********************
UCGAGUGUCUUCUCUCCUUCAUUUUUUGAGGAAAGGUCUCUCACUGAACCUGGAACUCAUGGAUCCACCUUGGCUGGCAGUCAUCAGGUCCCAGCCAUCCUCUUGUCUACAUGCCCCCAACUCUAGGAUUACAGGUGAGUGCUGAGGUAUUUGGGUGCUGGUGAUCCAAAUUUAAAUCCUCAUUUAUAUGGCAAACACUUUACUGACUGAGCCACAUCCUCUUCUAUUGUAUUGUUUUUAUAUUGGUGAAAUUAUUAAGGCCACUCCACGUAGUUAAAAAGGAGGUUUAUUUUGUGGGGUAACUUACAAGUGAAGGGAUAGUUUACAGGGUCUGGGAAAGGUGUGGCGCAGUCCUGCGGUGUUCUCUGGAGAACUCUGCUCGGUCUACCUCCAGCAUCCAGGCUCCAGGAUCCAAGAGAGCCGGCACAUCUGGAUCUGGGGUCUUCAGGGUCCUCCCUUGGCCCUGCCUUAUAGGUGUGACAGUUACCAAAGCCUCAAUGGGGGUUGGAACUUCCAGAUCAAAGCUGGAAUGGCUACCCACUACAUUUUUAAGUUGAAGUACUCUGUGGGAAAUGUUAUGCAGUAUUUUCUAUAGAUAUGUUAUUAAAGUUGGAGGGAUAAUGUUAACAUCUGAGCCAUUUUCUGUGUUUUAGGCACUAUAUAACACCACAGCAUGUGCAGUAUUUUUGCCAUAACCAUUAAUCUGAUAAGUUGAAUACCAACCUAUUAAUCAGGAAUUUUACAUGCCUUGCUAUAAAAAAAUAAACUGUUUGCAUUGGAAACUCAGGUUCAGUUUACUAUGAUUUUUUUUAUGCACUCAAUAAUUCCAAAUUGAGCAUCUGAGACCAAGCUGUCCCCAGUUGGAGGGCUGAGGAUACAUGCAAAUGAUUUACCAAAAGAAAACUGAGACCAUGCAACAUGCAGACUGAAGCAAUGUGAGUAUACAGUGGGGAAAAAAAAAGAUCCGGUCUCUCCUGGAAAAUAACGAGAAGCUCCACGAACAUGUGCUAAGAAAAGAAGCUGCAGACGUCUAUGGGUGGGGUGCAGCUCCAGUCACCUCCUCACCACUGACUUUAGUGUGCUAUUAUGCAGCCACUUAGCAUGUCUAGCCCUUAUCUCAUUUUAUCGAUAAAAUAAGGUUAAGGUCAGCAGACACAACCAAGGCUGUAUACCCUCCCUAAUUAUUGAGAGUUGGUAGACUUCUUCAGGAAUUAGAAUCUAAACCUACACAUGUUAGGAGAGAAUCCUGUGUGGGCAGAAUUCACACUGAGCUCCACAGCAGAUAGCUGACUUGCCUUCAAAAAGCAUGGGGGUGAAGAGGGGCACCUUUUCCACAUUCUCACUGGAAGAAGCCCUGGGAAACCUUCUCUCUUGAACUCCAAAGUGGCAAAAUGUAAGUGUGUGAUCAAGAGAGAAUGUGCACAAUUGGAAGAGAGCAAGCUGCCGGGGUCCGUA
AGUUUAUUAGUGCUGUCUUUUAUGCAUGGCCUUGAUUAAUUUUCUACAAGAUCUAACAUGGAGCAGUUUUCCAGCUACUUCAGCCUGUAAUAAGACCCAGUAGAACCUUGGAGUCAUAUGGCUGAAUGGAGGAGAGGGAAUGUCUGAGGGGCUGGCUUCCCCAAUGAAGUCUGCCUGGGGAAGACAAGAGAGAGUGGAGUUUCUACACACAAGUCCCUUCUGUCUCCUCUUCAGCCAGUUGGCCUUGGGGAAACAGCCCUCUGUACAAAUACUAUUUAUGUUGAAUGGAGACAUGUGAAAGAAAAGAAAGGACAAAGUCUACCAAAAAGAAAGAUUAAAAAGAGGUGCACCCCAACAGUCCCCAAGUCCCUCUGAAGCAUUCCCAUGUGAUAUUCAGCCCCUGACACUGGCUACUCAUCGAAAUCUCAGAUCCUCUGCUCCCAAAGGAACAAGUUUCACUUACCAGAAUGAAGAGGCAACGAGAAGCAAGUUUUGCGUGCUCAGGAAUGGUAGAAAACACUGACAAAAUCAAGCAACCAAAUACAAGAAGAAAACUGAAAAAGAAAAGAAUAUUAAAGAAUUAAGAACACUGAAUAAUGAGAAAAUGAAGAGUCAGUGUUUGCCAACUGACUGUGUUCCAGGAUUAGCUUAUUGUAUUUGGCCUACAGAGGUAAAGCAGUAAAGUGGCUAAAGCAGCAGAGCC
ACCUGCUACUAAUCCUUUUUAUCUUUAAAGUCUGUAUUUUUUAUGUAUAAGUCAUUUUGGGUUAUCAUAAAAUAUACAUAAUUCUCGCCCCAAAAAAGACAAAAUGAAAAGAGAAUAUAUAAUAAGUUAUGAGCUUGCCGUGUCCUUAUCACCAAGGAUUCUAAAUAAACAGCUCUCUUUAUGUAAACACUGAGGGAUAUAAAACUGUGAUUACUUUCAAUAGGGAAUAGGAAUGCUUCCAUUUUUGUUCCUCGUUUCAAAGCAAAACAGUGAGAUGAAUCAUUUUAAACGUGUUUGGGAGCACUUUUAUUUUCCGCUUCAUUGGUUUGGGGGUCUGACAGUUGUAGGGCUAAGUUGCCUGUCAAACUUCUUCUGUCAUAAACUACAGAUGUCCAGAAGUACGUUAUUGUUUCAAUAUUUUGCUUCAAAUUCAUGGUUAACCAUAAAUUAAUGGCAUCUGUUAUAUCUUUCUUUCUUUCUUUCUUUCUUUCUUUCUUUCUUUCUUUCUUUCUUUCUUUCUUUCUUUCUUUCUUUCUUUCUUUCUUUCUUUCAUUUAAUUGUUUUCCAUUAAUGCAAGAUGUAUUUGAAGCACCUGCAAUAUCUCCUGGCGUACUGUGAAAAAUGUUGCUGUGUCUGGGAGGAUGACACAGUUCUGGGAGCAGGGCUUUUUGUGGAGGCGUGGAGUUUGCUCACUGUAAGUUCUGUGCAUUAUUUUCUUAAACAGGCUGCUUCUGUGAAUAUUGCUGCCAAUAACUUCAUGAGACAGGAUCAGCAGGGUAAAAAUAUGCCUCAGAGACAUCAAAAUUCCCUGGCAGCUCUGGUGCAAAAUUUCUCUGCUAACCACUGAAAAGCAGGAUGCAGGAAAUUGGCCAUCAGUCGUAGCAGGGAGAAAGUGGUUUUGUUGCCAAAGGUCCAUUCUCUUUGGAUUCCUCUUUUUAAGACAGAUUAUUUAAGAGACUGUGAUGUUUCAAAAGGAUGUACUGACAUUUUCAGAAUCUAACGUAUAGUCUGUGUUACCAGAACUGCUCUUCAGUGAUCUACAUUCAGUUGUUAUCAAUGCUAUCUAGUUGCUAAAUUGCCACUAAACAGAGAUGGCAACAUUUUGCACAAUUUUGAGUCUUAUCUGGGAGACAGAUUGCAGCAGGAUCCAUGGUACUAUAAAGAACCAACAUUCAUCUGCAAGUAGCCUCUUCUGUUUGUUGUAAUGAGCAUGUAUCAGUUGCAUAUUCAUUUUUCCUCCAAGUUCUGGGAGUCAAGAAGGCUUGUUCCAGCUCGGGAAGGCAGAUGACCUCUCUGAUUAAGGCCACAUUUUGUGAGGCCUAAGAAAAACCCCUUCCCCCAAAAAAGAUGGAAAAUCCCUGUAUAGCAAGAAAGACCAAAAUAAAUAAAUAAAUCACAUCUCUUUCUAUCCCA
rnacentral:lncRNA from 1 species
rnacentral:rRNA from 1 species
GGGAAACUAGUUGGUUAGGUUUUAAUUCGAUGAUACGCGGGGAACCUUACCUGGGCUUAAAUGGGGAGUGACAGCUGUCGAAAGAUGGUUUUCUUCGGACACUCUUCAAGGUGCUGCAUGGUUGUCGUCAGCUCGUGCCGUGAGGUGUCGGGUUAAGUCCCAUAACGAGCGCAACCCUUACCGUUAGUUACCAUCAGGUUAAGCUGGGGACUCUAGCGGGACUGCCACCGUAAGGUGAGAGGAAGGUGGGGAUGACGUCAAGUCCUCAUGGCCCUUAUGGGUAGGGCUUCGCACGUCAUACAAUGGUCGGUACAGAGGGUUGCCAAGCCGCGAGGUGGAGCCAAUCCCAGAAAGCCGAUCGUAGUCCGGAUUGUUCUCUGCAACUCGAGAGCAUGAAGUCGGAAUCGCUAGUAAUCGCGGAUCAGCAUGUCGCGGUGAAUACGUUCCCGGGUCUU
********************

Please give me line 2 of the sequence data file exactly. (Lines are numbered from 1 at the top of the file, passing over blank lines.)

AGUUUAUUAGUGCUGUCUUUUAUGCAUGGCCUUGAUUAAUUUUCUACAAGAUCUAACAUGGAGCAGUUUUCCAGCUACUUCAGCCUGUAAUAAGACCCAGUAGAACCUUGGAGUCAUAUGGCUGAAUGGAGGAGAGGGAAUGUCUGAGGGGCUGGCUUCCCCAAUGAAGUCUGCCUGGGGAAGACAAGAGAGAGUGGAGUUUCUACACACAAGUCCCUUCUGUCUCCUCUUCAGCCAGUUGGCCUUGGGGAAACAGCCCUCUGUACAAAUACUAUUUAUGUUGAAUGGAGACAUGUGAAAGAAAAGAAAGGACAAAGUCUACCAAAAAGAAAGAUUAAAAAGAGGUGCACCCCAACAGUCCCCAAGUCCCUCUGAAGCAUUCCCAUGUGAUAUUCAGCCCCUGACACUGGCUACUCAUCGAAAUCUCAGAUCCUCUGCUCCCAAAGGAACAAGUUUCACUUACCAGAAUGAAGAGGCAACGAGAAGCAAGUUUUGCGUGCUCAGGAAUGGUAGAAAACACUGACAAAAUCAAGCAACCAAAUACAAGAAGAAAACUGAAAAAGAAAAGAAUAUUAAAGAAUUAAGAACACUGAAUAAUGAGAAAAUGAAGAGUCAGUGUUUGCCAACUGACUGUGUUCCAGGAUUAGCUUAUUGUAUUUGGCCUACAGAGGUAAAGCAGUAAAGUGGCUAAAGCAGCAGAGCC